#ShadowOvechkin.  #ShadowOvechkin when he's on the Capitals' power play, I mean specifically. It's something I've tweeted many, many, many times. It even lends itself to a character-saving play on words. I've been in reasonably-civil arguments online about it with people who make decent points. But so far, I remain steadfast in my belief: When on a 4v5 PK against the Caps, the penalty-killing team should have a F glue himself to Ovechkin to limit his shots from the Ovi Spot. Last night, the NYR let him fire away from that spot, and it ended up leading to the first goal of the night (originally credited to Ovi, but later changed to Justin Williams). 

Prior to "Saving the Avalanche", Arik Parnass briefly looked at teams that tried to #ShadowOvechkin. His article was short, and not particularly conclusive (though it's worth a read if only for the Rangers joke). The good folks at JapersRink also touched on the role of Ovechkin on the Capitals' PP here and here though without focusing on #ShadowOvechkin as a tactic specifically. 

And let's get this clear up front: I fully understand that the Caps' PP is going to get looks, whether you shadow Ovi or not. Even if you managed to physically lock Ovi's arms behind his back (perhaps by putting his version of kyrptonite - an Olympic gold medal - on him),  (1) he will still manage to get shots off somehow, and (2) you are probably opening up other chances for Oshie, Backstrom, Shattenkirk, etc.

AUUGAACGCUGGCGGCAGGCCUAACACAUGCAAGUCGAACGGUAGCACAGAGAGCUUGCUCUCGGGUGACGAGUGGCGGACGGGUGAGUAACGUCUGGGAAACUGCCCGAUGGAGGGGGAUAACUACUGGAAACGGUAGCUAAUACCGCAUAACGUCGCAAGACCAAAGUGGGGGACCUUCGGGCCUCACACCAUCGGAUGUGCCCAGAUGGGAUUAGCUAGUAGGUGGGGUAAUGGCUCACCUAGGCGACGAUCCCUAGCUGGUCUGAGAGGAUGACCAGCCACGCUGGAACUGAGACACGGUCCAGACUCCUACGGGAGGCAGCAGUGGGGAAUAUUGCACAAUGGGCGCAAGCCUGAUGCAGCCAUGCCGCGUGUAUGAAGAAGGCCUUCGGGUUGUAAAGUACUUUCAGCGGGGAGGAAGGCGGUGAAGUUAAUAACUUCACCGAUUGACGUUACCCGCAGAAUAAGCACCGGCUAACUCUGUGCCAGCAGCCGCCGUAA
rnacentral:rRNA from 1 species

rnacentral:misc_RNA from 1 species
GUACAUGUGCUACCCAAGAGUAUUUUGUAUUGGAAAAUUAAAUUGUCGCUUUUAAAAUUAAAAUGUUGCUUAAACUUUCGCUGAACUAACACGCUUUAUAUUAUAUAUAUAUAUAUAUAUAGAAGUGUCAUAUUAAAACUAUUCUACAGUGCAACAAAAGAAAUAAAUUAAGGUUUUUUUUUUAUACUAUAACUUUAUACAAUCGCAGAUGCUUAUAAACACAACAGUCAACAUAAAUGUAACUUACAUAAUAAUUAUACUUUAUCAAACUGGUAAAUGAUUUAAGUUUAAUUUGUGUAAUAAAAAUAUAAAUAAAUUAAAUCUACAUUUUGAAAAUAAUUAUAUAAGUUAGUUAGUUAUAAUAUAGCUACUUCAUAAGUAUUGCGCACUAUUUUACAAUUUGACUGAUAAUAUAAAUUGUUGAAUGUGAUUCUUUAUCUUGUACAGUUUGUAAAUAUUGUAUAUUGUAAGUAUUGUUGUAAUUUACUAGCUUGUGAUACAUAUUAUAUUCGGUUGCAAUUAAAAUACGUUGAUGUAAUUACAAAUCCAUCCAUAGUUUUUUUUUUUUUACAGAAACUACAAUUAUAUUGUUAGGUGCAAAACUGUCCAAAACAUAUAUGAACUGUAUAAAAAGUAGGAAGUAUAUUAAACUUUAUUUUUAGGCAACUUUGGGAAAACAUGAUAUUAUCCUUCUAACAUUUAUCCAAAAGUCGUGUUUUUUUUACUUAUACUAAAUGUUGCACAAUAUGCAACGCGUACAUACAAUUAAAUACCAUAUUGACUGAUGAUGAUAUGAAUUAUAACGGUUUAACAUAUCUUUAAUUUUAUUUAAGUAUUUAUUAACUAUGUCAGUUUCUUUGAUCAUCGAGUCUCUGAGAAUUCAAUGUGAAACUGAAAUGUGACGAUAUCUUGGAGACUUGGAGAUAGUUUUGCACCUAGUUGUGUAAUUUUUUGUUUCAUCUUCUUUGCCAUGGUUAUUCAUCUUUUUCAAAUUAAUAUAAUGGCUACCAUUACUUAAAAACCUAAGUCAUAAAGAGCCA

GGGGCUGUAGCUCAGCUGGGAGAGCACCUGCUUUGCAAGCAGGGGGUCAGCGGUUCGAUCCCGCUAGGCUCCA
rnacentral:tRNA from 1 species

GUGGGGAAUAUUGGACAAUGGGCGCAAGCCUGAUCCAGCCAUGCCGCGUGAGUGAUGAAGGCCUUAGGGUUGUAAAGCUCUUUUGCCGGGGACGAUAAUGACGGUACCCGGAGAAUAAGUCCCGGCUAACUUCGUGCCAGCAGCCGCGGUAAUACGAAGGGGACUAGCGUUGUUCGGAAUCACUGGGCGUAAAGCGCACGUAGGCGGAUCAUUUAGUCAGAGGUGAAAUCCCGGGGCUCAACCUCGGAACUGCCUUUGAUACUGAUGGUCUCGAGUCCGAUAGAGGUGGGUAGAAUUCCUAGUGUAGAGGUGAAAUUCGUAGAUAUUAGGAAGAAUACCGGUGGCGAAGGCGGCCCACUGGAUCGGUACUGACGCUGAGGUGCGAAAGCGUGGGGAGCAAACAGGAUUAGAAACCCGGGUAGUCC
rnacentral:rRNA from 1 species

But, in a game like hockey, where every goal matters, and special teams can be the difference, I think you are better off taking your chances that one of those other guys beats you, than letting Ovi have free reign to fire away from the faceoff dot.

I wish I had time to really look at video and try to develop some strategies, but I don't. In the meantime, here are some stats regarding Ovechkin and the power play that I think lend support to my idea.

data from espn.com

Over the course of his career, Ovechkin has become much more of a "Power Play Specialist."  I think Capitals fans would point to the introduction of a 1-3-1 PP format under Adam Oates in the lockout-shortened 2012/13 season as the key change.  As this chart shows, for the last 5 seasons, Ovechkin's ratio of "Even Strength" to "Power Play" goals has been more of a 50/50 split than earlier in his career.  [Note: These are all ES/PP, not just 5v5/5v4]. Putting this another way, before the lockout, about 1 in 3 Ovechkin goals was a PPG.  Today, if Oveckhin scores a goal, it's almost as likely to be a PPG as an ESG.  This season, if it doesnt change in the last games, will be the first time in Ovi's career he's scored more PPG than ESG in a season.


data from Corsica.Hockey

Note the shift from "ES/PP" to "5v5/5v4" here, since I'm now looking at Corsica data. Also note that the x-axis starts at 2007/08, since that's as far back as Corsica data goes. I would guess that the earlier years would be similar to the early years shown, but I'm not sure it would matter much either way.